At a recent meeting of the Association for Computing Machinery, the main computer science association, the CEO of ACM John White reported on efforts to increase the visibility and understanding of computer science as a discipline. He asked “Where is the C in STEM?” (STEM stands for Science, Technology, Engineering, and Math, and there are many policy efforts to promote teaching and learning in these areas.) He argued that computer science is not just the “T” in “STEM”, as many might assume. Computer science deserves attention of its own from policy makers, teachers, and students.
I agree, but if computer science is not the “T”, then what is it? It’s funny. Computer science seems to span all the letters of STEM. It’s part science, part technology, part engineering, and part math. (Ironically, even though it’s called computer science, the “S” may be the least defensible.*)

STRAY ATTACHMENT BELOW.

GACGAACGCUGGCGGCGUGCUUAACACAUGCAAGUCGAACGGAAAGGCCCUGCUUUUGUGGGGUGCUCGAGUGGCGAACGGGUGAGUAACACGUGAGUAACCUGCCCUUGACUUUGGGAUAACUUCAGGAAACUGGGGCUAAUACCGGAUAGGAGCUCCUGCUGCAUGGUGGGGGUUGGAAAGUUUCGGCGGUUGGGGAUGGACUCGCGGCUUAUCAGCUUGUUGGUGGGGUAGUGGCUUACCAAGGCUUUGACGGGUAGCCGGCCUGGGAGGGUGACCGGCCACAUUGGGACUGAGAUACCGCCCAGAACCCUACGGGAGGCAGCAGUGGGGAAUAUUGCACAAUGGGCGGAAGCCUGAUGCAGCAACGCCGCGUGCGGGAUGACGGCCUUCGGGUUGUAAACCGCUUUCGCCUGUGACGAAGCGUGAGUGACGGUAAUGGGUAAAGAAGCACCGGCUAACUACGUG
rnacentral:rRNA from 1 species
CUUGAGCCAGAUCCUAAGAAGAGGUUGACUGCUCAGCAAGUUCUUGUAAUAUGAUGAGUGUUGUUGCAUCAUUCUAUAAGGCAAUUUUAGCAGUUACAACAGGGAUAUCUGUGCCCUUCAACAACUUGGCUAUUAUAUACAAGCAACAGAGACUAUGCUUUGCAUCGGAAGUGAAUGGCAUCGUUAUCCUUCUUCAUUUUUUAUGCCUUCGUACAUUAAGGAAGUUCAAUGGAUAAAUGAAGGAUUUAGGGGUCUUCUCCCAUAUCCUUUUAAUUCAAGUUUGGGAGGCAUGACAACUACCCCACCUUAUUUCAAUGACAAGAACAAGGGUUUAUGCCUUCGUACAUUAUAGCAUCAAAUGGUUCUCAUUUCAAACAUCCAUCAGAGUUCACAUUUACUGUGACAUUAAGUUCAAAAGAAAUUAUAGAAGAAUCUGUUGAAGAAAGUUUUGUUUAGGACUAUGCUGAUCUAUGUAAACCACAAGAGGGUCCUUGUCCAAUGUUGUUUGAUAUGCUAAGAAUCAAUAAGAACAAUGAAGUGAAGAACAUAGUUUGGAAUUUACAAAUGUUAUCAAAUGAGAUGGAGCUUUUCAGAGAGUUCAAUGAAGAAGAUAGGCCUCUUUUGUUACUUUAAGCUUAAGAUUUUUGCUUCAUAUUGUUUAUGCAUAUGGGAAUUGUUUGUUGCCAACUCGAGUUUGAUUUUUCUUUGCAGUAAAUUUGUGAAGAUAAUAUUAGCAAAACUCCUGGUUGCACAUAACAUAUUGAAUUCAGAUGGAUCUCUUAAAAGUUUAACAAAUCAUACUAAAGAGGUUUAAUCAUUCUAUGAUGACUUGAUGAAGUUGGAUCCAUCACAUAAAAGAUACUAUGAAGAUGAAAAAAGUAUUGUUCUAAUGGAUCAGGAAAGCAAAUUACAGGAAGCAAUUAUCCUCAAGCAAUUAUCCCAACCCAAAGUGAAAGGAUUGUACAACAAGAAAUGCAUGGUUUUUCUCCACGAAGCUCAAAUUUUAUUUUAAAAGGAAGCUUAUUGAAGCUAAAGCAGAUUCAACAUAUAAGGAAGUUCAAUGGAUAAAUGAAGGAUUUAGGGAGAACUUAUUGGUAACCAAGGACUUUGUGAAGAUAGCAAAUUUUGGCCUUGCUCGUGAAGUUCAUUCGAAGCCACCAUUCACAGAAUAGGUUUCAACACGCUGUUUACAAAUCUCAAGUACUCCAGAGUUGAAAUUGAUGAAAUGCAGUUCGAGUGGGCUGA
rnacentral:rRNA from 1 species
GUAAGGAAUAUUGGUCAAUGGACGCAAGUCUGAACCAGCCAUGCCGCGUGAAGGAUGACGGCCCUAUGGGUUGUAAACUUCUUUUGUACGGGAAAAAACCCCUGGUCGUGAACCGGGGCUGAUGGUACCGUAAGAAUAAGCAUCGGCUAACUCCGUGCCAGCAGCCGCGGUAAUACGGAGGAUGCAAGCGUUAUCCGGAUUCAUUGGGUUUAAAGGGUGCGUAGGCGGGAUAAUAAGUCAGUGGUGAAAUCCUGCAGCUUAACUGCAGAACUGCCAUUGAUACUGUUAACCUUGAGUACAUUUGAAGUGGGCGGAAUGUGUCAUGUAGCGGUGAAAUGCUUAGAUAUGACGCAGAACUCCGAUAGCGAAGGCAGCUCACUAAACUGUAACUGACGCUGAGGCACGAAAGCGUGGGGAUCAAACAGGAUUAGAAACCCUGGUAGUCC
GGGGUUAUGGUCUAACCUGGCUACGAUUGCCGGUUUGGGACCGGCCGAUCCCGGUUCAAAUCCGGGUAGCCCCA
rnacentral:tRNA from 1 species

The interdisciplinary nature of computer science can be seen throughout the university system: no one knows quite where CS departments belong. At some universities they are part of engineering schools, at others they belong to schools of arts and sciences, and at still others they have moved from one school to another. That’s not to mention the information schools and business schools with heavy computer science focus. At some universities, computer science is its own school with its own Dean. (This may be the best solution.)
Actually, I’d go one step further and say that computer science also involves a good deal of “A”, or art, as Paul Graham popularized in his wonderful book Hackers and Painters, and as seen most clearly in places like the MIT Media Lab and the NYU Interactive Telecommunications Program.
So where is the C in STEM? Everywhere. Plus A. Computer science = STEAM.**
* It seems that those fields who feel compelled to append the word “science” to their names (social science, political science, library science) are not particularly scientific.
** Thanks to Lance Fortnow for contributing ideas for this post, including the acronym STEAM.